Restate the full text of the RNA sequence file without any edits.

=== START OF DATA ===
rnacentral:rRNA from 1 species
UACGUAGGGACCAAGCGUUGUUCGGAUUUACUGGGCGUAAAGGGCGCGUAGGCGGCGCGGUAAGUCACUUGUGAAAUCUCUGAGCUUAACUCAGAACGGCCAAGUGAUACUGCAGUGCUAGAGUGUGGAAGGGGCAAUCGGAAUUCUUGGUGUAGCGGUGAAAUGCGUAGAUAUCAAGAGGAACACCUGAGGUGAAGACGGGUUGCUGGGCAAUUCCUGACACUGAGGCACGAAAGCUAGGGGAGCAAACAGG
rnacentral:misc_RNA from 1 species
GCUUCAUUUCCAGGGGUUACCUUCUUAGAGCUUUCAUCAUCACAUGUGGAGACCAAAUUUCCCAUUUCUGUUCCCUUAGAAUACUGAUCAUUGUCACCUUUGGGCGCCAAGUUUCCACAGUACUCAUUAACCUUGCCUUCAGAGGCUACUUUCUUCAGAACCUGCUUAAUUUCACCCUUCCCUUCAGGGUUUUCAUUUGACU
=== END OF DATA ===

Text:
rnacentral:rRNA from 1 species
UACGUAGGGACCAAGCGUUGUUCGGAUUUACUGGGCGUAAAGGGCGCGUAGGCGGCGCGGUAAGUCACUUGUGAAAUCUCUGAGCUUAACUCAGAACGGCCAAGUGAUACUGCAGUGCUAGAGUGUGGAAGGGGCAAUCGGAAUUCUUGGUGUAGCGGUGAAAUGCGUAGAUAUCAAGAGGAACACCUGAGGUGAAGACGGGUUGCUGGGCAAUUCCUGACACUGAGGCACGAAAGCUAGGGGAGCAAACAGG
rnacentral:misc_RNA from 1 species
GCUUCAUUUCCAGGGGUUACCUUCUUAGAGCUUUCAUCAUCACAUGUGGAGACCAAAUUUCCCAUUUCUGUUCCCUUAGAAUACUGAUCAUUGUCACCUUUGGGCGCCAAGUUUCCACAGUACUCAUUAACCUUGCCUUCAGAGGCUACUUUCUUCAGAACCUGCUUAAUUUCACCCUUCCCUUCAGGGUUUUCAUUUGACU